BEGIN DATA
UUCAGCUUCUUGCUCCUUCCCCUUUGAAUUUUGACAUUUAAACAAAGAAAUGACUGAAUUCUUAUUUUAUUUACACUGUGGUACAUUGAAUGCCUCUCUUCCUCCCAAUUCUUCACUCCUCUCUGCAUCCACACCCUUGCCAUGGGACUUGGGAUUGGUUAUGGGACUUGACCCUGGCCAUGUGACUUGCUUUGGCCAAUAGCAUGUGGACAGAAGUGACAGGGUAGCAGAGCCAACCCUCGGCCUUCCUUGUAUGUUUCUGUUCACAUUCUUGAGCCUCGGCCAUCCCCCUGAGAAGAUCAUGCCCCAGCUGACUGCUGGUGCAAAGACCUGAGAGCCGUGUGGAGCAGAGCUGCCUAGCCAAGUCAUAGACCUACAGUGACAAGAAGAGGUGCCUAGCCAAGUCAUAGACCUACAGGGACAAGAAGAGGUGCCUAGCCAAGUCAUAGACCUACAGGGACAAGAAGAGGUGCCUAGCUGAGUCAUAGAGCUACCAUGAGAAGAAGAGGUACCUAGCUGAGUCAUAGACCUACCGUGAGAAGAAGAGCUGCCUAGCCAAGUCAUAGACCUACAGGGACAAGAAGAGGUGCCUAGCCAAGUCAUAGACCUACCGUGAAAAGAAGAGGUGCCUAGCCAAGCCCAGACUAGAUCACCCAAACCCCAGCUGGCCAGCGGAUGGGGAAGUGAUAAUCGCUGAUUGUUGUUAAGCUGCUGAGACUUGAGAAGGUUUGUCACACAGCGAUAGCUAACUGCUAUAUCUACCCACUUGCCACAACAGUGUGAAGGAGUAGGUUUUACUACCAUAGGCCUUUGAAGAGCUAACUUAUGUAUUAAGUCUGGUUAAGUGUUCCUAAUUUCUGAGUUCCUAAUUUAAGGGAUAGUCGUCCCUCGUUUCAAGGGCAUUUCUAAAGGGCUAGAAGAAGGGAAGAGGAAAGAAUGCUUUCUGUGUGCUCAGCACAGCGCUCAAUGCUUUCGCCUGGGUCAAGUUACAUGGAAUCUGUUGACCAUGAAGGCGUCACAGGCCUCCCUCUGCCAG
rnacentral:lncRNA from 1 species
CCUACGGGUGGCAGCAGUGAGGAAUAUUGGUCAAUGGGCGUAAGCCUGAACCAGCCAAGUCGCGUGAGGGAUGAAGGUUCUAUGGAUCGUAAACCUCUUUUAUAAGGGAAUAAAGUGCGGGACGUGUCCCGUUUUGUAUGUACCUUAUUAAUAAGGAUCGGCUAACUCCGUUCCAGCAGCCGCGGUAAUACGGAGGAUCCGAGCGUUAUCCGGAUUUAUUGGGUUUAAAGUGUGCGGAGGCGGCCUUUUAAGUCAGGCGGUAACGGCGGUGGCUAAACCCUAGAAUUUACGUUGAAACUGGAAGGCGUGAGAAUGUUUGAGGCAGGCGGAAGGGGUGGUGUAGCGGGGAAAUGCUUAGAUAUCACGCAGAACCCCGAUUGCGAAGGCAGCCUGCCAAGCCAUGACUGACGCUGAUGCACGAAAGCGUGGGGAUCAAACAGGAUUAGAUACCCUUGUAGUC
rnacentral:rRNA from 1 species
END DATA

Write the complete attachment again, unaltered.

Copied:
UUCAGCUUCUUGCUCCUUCCCCUUUGAAUUUUGACAUUUAAACAAAGAAAUGACUGAAUUCUUAUUUUAUUUACACUGUGGUACAUUGAAUGCCUCUCUUCCUCCCAAUUCUUCACUCCUCUCUGCAUCCACACCCUUGCCAUGGGACUUGGGAUUGGUUAUGGGACUUGACCCUGGCCAUGUGACUUGCUUUGGCCAAUAGCAUGUGGACAGAAGUGACAGGGUAGCAGAGCCAACCCUCGGCCUUCCUUGUAUGUUUCUGUUCACAUUCUUGAGCCUCGGCCAUCCCCCUGAGAAGAUCAUGCCCCAGCUGACUGCUGGUGCAAAGACCUGAGAGCCGUGUGGAGCAGAGCUGCCUAGCCAAGUCAUAGACCUACAGUGACAAGAAGAGGUGCCUAGCCAAGUCAUAGACCUACAGGGACAAGAAGAGGUGCCUAGCCAAGUCAUAGACCUACAGGGACAAGAAGAGGUGCCUAGCUGAGUCAUAGAGCUACCAUGAGAAGAAGAGGUACCUAGCUGAGUCAUAGACCUACCGUGAGAAGAAGAGCUGCCUAGCCAAGUCAUAGACCUACAGGGACAAGAAGAGGUGCCUAGCCAAGUCAUAGACCUACCGUGAAAAGAAGAGGUGCCUAGCCAAGCCCAGACUAGAUCACCCAAACCCCAGCUGGCCAGCGGAUGGGGAAGUGAUAAUCGCUGAUUGUUGUUAAGCUGCUGAGACUUGAGAAGGUUUGUCACACAGCGAUAGCUAACUGCUAUAUCUACCCACUUGCCACAACAGUGUGAAGGAGUAGGUUUUACUACCAUAGGCCUUUGAAGAGCUAACUUAUGUAUUAAGUCUGGUUAAGUGUUCCUAAUUUCUGAGUUCCUAAUUUAAGGGAUAGUCGUCCCUCGUUUCAAGGGCAUUUCUAAAGGGCUAGAAGAAGGGAAGAGGAAAGAAUGCUUUCUGUGUGCUCAGCACAGCGCUCAAUGCUUUCGCCUGGGUCAAGUUACAUGGAAUCUGUUGACCAUGAAGGCGUCACAGGCCUCCCUCUGCCAG
rnacentral:lncRNA from 1 species
CCUACGGGUGGCAGCAGUGAGGAAUAUUGGUCAAUGGGCGUAAGCCUGAACCAGCCAAGUCGCGUGAGGGAUGAAGGUUCUAUGGAUCGUAAACCUCUUUUAUAAGGGAAUAAAGUGCGGGACGUGUCCCGUUUUGUAUGUACCUUAUUAAUAAGGAUCGGCUAACUCCGUUCCAGCAGCCGCGGUAAUACGGAGGAUCCGAGCGUUAUCCGGAUUUAUUGGGUUUAAAGUGUGCGGAGGCGGCCUUUUAAGUCAGGCGGUAACGGCGGUGGCUAAACCCUAGAAUUUACGUUGAAACUGGAAGGCGUGAGAAUGUUUGAGGCAGGCGGAAGGGGUGGUGUAGCGGGGAAAUGCUUAGAUAUCACGCAGAACCCCGAUUGCGAAGGCAGCCUGCCAAGCCAUGACUGACGCUGAUGCACGAAAGCGUGGGGAUCAAACAGGAUUAGAUACCCUUGUAGUC
rnacentral:rRNA from 1 species